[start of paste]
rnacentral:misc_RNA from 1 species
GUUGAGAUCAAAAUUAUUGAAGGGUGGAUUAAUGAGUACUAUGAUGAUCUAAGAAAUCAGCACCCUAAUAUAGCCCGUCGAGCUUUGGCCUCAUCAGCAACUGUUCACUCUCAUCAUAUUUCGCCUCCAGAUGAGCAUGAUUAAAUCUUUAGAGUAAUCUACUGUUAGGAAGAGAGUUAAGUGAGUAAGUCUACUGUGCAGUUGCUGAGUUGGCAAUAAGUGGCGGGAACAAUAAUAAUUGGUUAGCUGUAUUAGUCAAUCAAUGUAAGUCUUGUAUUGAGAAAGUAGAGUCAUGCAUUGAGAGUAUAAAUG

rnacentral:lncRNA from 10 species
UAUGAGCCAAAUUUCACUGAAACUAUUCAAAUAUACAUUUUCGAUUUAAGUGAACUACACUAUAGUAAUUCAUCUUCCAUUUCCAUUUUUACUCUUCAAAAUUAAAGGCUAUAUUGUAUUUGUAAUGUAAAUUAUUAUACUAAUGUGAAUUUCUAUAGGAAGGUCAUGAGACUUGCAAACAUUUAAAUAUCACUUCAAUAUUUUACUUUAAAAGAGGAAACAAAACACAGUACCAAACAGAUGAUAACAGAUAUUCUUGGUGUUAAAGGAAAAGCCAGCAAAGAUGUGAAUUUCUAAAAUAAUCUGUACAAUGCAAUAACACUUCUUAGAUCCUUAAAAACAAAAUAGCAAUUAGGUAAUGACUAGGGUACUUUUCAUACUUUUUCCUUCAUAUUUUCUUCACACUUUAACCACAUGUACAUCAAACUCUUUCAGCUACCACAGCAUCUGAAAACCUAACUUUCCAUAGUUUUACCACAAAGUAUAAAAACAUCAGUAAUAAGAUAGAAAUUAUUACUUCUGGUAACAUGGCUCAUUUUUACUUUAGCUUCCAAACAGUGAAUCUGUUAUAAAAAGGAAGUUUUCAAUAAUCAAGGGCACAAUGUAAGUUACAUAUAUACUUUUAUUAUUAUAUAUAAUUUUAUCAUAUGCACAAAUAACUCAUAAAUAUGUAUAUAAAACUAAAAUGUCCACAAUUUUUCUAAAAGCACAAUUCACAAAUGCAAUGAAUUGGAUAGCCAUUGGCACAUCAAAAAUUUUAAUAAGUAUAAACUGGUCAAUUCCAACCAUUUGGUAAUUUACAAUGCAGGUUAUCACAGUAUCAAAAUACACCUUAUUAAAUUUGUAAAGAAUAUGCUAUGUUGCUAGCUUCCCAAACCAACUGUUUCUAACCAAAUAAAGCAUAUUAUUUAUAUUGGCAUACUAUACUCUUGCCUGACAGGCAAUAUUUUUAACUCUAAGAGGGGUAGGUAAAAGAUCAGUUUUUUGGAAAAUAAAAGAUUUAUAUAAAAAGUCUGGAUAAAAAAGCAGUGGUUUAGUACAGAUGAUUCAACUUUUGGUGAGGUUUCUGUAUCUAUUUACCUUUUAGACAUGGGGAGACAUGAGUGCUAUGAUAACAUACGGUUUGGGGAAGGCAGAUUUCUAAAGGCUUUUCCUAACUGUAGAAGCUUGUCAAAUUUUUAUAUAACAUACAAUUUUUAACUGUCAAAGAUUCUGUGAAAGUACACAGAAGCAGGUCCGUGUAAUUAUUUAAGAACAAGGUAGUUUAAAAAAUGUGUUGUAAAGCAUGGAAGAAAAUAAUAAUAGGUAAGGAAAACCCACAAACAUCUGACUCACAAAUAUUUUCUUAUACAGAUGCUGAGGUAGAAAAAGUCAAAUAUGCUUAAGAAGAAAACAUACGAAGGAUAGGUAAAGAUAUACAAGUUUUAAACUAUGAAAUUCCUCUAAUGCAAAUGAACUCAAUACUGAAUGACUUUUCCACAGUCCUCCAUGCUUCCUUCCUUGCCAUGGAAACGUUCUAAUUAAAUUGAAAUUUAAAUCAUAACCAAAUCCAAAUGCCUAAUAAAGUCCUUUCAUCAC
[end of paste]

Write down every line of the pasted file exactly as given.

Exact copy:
rnacentral:misc_RNA from 1 species
GUUGAGAUCAAAAUUAUUGAAGGGUGGAUUAAUGAGUACUAUGAUGAUCUAAGAAAUCAGCACCCUAAUAUAGCCCGUCGAGCUUUGGCCUCAUCAGCAACUGUUCACUCUCAUCAUAUUUCGCCUCCAGAUGAGCAUGAUUAAAUCUUUAGAGUAAUCUACUGUUAGGAAGAGAGUUAAGUGAGUAAGUCUACUGUGCAGUUGCUGAGUUGGCAAUAAGUGGCGGGAACAAUAAUAAUUGGUUAGCUGUAUUAGUCAAUCAAUGUAAGUCUUGUAUUGAGAAAGUAGAGUCAUGCAUUGAGAGUAUAAAUG

rnacentral:lncRNA from 10 species
UAUGAGCCAAAUUUCACUGAAACUAUUCAAAUAUACAUUUUCGAUUUAAGUGAACUACACUAUAGUAAUUCAUCUUCCAUUUCCAUUUUUACUCUUCAAAAUUAAAGGCUAUAUUGUAUUUGUAAUGUAAAUUAUUAUACUAAUGUGAAUUUCUAUAGGAAGGUCAUGAGACUUGCAAACAUUUAAAUAUCACUUCAAUAUUUUACUUUAAAAGAGGAAACAAAACACAGUACCAAACAGAUGAUAACAGAUAUUCUUGGUGUUAAAGGAAAAGCCAGCAAAGAUGUGAAUUUCUAAAAUAAUCUGUACAAUGCAAUAACACUUCUUAGAUCCUUAAAAACAAAAUAGCAAUUAGGUAAUGACUAGGGUACUUUUCAUACUUUUUCCUUCAUAUUUUCUUCACACUUUAACCACAUGUACAUCAAACUCUUUCAGCUACCACAGCAUCUGAAAACCUAACUUUCCAUAGUUUUACCACAAAGUAUAAAAACAUCAGUAAUAAGAUAGAAAUUAUUACUUCUGGUAACAUGGCUCAUUUUUACUUUAGCUUCCAAACAGUGAAUCUGUUAUAAAAAGGAAGUUUUCAAUAAUCAAGGGCACAAUGUAAGUUACAUAUAUACUUUUAUUAUUAUAUAUAAUUUUAUCAUAUGCACAAAUAACUCAUAAAUAUGUAUAUAAAACUAAAAUGUCCACAAUUUUUCUAAAAGCACAAUUCACAAAUGCAAUGAAUUGGAUAGCCAUUGGCACAUCAAAAAUUUUAAUAAGUAUAAACUGGUCAAUUCCAACCAUUUGGUAAUUUACAAUGCAGGUUAUCACAGUAUCAAAAUACACCUUAUUAAAUUUGUAAAGAAUAUGCUAUGUUGCUAGCUUCCCAAACCAACUGUUUCUAACCAAAUAAAGCAUAUUAUUUAUAUUGGCAUACUAUACUCUUGCCUGACAGGCAAUAUUUUUAACUCUAAGAGGGGUAGGUAAAAGAUCAGUUUUUUGGAAAAUAAAAGAUUUAUAUAAAAAGUCUGGAUAAAAAAGCAGUGGUUUAGUACAGAUGAUUCAACUUUUGGUGAGGUUUCUGUAUCUAUUUACCUUUUAGACAUGGGGAGACAUGAGUGCUAUGAUAACAUACGGUUUGGGGAAGGCAGAUUUCUAAAGGCUUUUCCUAACUGUAGAAGCUUGUCAAAUUUUUAUAUAACAUACAAUUUUUAACUGUCAAAGAUUCUGUGAAAGUACACAGAAGCAGGUCCGUGUAAUUAUUUAAGAACAAGGUAGUUUAAAAAAUGUGUUGUAAAGCAUGGAAGAAAAUAAUAAUAGGUAAGGAAAACCCACAAACAUCUGACUCACAAAUAUUUUCUUAUACAGAUGCUGAGGUAGAAAAAGUCAAAUAUGCUUAAGAAGAAAACAUACGAAGGAUAGGUAAAGAUAUACAAGUUUUAAACUAUGAAAUUCCUCUAAUGCAAAUGAACUCAAUACUGAAUGACUUUUCCACAGUCCUCCAUGCUUCCUUCCUUGCCAUGGAAACGUUCUAAUUAAAUUGAAAUUUAAAUCAUAACCAAAUCCAAAUGCCUAAUAAAGUCCUUUCAUCAC